Black Knight brushes are used in filtration systems in fish farms, hatcheries, public aquaria, domestic fish ponds and research institutes in this country and abroad.
No other filter medium is as widely used or has been as extensively tested and proved.
Whichever installation design you choose, the method of water introduction to the chamber will have an effect on the efficiency of the brushes.
Generally the water should flow into the chamber at slow speed rather than being jetted in under pressure.
Water travelling at high speed not only causes turbulence, which will disturb settled material, but it can also wash off some of the waste which has been trapped successfully in the brushes.
Before purchasing Black Knight brushes, you should decide what type of filter design will be best for your pond.
Black Knight brushes work in three ways.
First, they physically trap the large particles that cannot pass through the close weave of the interlocking filaments.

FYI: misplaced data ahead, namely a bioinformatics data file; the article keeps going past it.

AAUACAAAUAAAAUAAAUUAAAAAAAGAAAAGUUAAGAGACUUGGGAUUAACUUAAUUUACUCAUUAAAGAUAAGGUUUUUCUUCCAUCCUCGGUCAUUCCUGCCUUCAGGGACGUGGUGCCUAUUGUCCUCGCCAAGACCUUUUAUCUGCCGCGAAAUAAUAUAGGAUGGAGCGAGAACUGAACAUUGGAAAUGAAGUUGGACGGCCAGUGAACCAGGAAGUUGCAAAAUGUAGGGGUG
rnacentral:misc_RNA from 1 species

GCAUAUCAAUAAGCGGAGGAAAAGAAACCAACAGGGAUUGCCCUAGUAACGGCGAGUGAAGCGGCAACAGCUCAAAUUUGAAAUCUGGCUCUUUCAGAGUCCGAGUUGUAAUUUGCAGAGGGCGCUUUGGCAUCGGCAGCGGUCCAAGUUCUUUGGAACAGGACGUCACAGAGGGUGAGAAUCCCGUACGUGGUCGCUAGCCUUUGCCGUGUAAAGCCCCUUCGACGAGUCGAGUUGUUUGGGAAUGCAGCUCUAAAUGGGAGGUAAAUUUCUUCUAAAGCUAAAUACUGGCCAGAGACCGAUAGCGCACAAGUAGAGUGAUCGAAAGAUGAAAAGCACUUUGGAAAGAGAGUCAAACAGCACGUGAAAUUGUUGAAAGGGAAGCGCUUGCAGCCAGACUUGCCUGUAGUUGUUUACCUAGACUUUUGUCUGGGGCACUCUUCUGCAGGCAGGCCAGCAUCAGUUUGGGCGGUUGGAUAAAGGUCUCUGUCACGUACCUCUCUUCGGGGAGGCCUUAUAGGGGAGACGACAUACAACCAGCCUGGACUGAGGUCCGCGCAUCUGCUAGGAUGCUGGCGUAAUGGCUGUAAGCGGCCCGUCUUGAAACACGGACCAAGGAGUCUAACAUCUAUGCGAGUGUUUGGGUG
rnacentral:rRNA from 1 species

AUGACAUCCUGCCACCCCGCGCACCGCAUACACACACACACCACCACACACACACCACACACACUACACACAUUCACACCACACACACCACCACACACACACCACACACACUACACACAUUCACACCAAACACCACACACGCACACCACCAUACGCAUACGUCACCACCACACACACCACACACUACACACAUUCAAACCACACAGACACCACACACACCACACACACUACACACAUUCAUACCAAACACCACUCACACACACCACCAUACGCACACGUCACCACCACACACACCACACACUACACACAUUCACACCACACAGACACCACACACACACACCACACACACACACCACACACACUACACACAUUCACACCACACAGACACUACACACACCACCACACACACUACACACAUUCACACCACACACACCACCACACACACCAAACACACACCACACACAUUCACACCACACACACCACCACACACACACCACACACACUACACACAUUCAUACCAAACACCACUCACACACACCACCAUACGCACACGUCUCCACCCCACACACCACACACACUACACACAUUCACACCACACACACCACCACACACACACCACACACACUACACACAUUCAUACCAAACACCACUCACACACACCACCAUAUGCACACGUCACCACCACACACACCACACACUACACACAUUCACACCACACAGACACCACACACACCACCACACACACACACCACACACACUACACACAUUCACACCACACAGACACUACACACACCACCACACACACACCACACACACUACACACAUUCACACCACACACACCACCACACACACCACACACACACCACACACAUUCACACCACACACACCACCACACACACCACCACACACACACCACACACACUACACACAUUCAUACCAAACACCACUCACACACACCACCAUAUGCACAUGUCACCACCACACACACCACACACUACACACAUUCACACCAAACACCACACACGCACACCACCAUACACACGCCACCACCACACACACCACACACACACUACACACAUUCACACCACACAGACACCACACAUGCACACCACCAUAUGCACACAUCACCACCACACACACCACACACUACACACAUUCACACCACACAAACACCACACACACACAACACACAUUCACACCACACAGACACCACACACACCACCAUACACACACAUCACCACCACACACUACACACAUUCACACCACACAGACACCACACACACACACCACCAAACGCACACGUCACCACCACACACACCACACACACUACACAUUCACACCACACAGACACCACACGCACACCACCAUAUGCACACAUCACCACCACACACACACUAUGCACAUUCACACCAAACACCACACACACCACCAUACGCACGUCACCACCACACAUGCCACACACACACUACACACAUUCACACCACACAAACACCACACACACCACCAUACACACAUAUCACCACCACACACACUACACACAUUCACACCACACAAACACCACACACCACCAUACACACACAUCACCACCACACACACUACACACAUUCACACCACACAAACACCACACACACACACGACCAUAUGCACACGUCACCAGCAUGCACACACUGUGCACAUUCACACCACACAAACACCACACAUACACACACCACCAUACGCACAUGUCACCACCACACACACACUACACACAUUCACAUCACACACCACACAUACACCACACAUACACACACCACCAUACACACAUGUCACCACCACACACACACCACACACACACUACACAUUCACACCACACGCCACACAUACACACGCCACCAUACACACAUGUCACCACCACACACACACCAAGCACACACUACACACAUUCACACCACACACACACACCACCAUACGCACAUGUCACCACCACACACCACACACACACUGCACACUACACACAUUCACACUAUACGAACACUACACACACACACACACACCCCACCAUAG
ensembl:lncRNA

Secondly, the filaments have a static charge that ‘grabs’ any small particles that are flowing by.
This charge holds onto the waste until you do your routine cleaning.
Thirdly, after you have been using the brushes for a few weeks, the massive surface area of the brushes becomes home to millions of beneficial nitrifying bacteria that will help to purify your water biologically.
How to use Black Knight Filter Brushes:
If you have a small pond with a few goldfish and a couple of koi then a single chamber with three to six lines of brushes will be ideal.
For a more demanding situation, it will be necessary to use a much larger chamber or to link two or three together.
These can all contain brushes or you can use them in the first and second chambers and then use a stone medium such as Lytag, Canterbury Spar or Alfagrog in the last chamber.